The success of Kargil is the best example of Vajpayee’s pragmatism that allowed him to navigate India through the turbulence of peace and war alike. Vajpayee’s diplomatic finesse and unfettered approach to deal with situation averted a hostile international intervention in Kargil as well as garnered support for India’s position worldwide. On the other hand, his optimism in the ability of his security forces translated India’s intervention “Operation Vijay” into a decisive victory. It is notable that the Lahore bus service was not halted during the Kargil war. Even after the conflict ended, Vajpayee soon invited Musharraf for a peace dialogue in 2001 and then again in 2004. Even as he put India’s security interests first, Vajpayee also realized peace cannot be achieved only through military prowess alone, but by also investing in the establishment of strong people-to-people relations and institutional frameworks.

As Vajpayee sought to reaffirm relations with China and Pakistan, his vision was not limited to the neighborhood but extended both east and west. It was with West Asia, that Vajpayee’s diplomatic approach led to forging new relations, realizing the strategic importance of this region to India. Vajpayee’s visit to Iran in 2001 led to the ideation of a gas pipeline between the two countries via Pakistan. Though this never fructified, Indo-Iran diplomatic relations gained a new dimension when the former Iranian President Mohammed Khatami visited India as the Chief Guest of Republic Day celebrations in 2002. Vajpayee, being a strategist that he was, also strengthened relations with Israel. In 2003, Ariel Sharon became the first Prime Minister of Israel to visit India. Indo-Israel strategic partnership has been significantly strengthened ever since.

The first non-congress External Affairs Minister and later as a Prime Minister, Vajpayee’s strategic vision and his worldview balanced out the idealism of his predecessors and the realism of strengthening India’s military and economic clout for his successors to follow. Indeed, the foreign policy legacy that Vajpayee left behind, has served as foundational pillars in India’s rise as a responsible and influential global power.

Arunima Gupta is the Manager of Foreign and Strategic Relations at Delhi based think-tank Vision India Foundation.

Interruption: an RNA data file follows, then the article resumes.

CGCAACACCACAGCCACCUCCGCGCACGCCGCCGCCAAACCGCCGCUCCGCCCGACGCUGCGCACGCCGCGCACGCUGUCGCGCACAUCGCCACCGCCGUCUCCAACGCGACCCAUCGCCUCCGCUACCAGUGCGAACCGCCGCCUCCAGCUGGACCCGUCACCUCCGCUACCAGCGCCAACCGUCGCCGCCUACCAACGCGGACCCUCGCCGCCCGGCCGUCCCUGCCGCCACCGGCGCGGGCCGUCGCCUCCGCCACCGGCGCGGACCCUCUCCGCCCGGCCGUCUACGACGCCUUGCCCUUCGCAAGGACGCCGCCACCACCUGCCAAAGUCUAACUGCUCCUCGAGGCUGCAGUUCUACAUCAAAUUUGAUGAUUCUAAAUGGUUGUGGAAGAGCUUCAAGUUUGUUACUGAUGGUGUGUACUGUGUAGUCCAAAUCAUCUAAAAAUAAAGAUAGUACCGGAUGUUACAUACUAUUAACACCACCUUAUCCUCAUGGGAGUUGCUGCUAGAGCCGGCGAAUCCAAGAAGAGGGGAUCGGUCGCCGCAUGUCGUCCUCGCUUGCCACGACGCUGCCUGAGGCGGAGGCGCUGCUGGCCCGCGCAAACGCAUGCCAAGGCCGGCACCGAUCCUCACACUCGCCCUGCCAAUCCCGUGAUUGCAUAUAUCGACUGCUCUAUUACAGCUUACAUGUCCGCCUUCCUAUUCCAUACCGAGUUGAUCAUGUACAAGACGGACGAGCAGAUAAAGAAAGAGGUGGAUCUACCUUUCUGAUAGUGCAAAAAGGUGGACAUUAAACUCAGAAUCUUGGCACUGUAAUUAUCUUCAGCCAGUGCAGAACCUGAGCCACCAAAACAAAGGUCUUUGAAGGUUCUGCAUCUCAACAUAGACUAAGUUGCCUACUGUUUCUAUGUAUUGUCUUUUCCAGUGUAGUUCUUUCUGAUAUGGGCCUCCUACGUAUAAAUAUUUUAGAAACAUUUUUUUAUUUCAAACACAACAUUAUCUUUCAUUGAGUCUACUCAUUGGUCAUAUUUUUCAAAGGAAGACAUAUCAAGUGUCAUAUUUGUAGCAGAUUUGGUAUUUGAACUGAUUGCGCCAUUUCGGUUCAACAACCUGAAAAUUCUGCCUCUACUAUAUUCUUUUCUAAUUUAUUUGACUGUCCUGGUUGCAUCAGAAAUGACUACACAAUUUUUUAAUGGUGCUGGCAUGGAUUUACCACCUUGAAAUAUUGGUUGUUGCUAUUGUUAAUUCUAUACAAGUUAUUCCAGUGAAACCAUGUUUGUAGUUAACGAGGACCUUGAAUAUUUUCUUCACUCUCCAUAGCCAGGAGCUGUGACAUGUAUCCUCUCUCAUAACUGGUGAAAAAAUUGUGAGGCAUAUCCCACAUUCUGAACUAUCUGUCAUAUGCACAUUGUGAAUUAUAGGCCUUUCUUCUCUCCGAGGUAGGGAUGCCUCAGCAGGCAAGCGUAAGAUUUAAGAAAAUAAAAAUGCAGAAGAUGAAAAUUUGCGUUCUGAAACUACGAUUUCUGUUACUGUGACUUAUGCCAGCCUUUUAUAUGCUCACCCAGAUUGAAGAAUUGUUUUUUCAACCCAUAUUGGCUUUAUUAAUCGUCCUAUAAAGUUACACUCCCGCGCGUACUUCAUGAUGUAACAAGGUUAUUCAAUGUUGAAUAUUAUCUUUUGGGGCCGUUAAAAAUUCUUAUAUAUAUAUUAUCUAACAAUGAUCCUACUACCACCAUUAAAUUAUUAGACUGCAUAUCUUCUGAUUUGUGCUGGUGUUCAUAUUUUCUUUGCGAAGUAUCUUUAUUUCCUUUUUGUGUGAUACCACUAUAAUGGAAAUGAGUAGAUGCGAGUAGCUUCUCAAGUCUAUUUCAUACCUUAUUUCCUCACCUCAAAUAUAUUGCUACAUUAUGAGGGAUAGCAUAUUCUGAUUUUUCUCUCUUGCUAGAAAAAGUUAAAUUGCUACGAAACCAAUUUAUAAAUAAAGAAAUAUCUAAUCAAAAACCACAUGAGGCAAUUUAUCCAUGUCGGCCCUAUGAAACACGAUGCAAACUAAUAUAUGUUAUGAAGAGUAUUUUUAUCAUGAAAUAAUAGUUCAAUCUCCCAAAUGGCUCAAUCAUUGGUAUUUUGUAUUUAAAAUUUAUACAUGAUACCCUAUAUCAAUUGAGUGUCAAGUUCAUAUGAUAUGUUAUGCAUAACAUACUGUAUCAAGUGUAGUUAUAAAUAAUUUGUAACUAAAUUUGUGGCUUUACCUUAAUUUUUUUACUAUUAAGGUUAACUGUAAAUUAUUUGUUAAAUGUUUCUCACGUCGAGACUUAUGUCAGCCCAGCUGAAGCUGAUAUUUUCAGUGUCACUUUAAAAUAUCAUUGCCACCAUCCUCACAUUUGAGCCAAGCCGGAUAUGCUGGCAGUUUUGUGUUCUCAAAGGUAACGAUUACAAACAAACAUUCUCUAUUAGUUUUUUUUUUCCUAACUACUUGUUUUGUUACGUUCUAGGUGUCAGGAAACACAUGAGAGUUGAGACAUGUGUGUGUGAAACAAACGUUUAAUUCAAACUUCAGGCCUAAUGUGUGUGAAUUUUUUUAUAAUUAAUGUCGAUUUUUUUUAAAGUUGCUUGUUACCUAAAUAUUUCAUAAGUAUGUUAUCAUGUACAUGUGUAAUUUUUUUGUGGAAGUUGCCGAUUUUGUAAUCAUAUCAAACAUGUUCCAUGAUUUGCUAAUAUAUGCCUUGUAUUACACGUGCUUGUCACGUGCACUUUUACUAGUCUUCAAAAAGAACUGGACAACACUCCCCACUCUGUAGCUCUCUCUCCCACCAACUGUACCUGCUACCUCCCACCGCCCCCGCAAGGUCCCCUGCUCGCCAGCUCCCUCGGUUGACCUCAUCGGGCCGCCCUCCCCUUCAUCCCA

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South Asia

Justifying a Pakistani Response to India’s Hybrid Warfare Campaign

Haris Bilal Malik

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Hybrid warfare has irreversibly changed the dynamics of war in the contemporary era. In a way, it can be perceived as forming a ‘new normal’ that has also transformed the nature of warfare in South Asia, one of the most volatile regions of the world. There is no doubt in claiming that Pakistan has been a victim of ‘hybrid warfare’ widely perceived to be launched and sponsored by India. This has remained evident even in the region’s history where the situation in East Pakistan in 1971 involving the promotion of Mujib’s six-point plan, and the training and support offered to the Mukti Bahini’s violent separatist movement were all led by India. In the same vein, the current extent of hybrid warfare against Pakistan can also be analyzed from the fact that India is still waging a Low-Intensity Conflict (LIC), through the employment of its proxies in the region.  These are further bolstered by its Anti-Pakistan psychological operations, mainstream and social media campaigns, information operations, false flag operations, and undermining Pakistani interests economically, politically and diplomatically at various international forums. As a result, Pakistan is being forced to counter this hybrid warfare campaign through greater preparedness and a concerted strategy as this ‘new normal continues to threaten Pakistan’s national security.

These hybrid threats to the national security of Pakistan have resultantly become a major concern for its politico-strategic outlook. In view of this, the unrest in Baluchistan, which is all the more pertinent because of CPEC, is not acceptable to Indian interests at the present. Hence, this forms one of the primary reasons behind its sustained campaign against Pakistan. This is evident for instance in how Kulbhushan Jadhav, a serving Indian military officer was convicted for spying inside Pakistan and supporting terrorism in Baluchistan. Furthermore, the Balochistan Liberation Army (BLA), a terrorist group that has been known for decades as being backed by India was also reportedly involved in an attack on the Chinese Consulate in Karachi back in November 2018. Similarly, the Pashtun Tahafuz Movement (PTM) movement which is evidently involved in anti-state activities is also widely understood as being sponsored by India’s Research and Analysis Wing (RAW) and Afghanistan’s National Directorate for Security (NDS). has All the above have thus carried all the hallmarks of both the NDS’s and RAW’s past activities and nefarious motives with regard to destabilizing Pakistan.